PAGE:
Have you seen it? The context of this statement in James is most interesting. We can say that we have seen the purpose of the Lord in many things, in particular in the death and resurrection of Jesus Christ, but note the particular context in which James makes this statement.
“As an example of suffering and patience, brothers, take the prophets who spoke in the name of the Lord. Behold, we consider those blessed who remain steadfast. You have heard of the steadfastness of Job, and you have seen the purpose of the Lord, how the Lord is compassionate and merciful” (5:10,11).
The Lord does nothing without a purpose, but do we always recognize that purpose? Our reading of Job illustrates God’s purpose with him in developing his character. The prophets all went through similar character development, although only in the larger books is this fully apparent. Studies of Jeremiah and Isaiah are revealing on this subject. James was writing when the nation of Israel was soon to be destroyed. In 5:3 he calls them “the last days” and he has many ideas suitable for our last days of the Gentile era. Patience and steadfastness were vital qualities. The Greek words could also be translated as endurance.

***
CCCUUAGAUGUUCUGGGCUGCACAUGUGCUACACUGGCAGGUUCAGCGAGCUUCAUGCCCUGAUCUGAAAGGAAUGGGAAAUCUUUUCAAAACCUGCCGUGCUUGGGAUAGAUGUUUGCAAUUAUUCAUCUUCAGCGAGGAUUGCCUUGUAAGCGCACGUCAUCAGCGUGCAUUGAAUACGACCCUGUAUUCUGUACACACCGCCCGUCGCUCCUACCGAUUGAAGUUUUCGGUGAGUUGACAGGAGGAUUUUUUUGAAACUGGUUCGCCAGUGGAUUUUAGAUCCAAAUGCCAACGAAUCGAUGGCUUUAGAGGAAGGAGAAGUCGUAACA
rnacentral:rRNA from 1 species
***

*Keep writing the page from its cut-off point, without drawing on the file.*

It is God’s will that we go through trials (see James 1:2-4). James’ life was a steep learning curve. If we consider that his mother was Mary, the mother of Jesus, and that Jesus made a special appearance to him after his resurrection (1 Corinthians 15:7) James is writing as he reaches the climax of his life. Historical records indicate that he was martyred in AD 62.
So James marvelled at the purpose of the Lord in his life and he is exhorting others to see the same in their lives – and so remain steadfast under trial: “establish your hearts, for the coming of the Lord is at hand” (verse 8). What an appropriate message for us as we near the end of 2021 and the events especially around God’s Holy Land show the latter day “purpose of the Lord” unfolding. And God’s purpose will become increasingly clear to those who know His word.